Unfortunately, perturbations in the power supplied to a digital system can cause variation in the frequency of the system clock. Such power supply variation can arise, for example, in systems having a plurality of devices in electrical communication with a single power supply. In particular, such "switching noise" created by variation in the power consumed by one of the commonly-energized devices may alter the power delivered to the system clock.
Operation of the system clock may also be adversely affected by undesired extrinsic noise such as voltage spikes and the like inherently present in the energy provided by the power supply itself. This type of noise irregularity may also give rise to timing errors by creating a variation in clock frequency.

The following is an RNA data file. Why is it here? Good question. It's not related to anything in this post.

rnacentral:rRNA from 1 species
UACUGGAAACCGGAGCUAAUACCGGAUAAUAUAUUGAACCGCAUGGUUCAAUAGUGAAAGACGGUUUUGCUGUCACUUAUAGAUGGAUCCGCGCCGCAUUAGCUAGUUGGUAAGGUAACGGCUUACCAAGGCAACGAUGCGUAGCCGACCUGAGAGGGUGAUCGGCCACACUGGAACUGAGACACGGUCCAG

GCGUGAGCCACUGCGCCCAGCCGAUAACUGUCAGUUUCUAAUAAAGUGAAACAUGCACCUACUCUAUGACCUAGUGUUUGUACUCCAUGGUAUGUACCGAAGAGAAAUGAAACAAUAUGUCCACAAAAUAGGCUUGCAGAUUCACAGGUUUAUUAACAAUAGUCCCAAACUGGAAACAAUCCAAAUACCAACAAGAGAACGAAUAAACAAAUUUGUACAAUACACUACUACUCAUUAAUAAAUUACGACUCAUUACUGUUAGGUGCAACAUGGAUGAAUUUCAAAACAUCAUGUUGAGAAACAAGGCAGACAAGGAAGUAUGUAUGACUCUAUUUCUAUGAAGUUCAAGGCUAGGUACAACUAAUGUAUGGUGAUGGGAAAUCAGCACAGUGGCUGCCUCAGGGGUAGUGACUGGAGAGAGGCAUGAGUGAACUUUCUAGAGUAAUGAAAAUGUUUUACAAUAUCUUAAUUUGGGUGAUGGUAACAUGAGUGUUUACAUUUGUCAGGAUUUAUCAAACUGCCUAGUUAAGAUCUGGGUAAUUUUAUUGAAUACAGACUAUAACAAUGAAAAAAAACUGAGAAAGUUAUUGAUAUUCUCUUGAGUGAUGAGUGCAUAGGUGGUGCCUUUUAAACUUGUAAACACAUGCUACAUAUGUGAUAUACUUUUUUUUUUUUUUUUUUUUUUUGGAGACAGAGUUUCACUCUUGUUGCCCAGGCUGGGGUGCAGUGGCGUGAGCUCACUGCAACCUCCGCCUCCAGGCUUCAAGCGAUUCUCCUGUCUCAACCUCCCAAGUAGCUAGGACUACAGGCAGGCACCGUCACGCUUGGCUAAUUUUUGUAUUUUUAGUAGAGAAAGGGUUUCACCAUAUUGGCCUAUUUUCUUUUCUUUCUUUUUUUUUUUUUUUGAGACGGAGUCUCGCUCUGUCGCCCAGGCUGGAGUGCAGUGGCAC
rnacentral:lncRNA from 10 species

Accordingly, a need in the art exists for a multiple-phase clock generator/multiplier substantially immune from internal power supply noise and from the switching noise associated with system components coupled to a common energy source.
The aforementioned need in the art for a clock generator exhibiting frequency stability in the presence of power supply noise is addressed by the multiphase clock generator of the present invention. The inventive multiphase generator includes a phase detector for generating a phase error signal in response to the phase difference between an input signal and a recovered clock signal. A phase-locked feedback loop is operative to synthesize a recovered clock signal in response to the phase error signal. Included within the feedback loop is a differential ring oscillator disposed to provide first and second phase-shifted output signals at first and second output ports.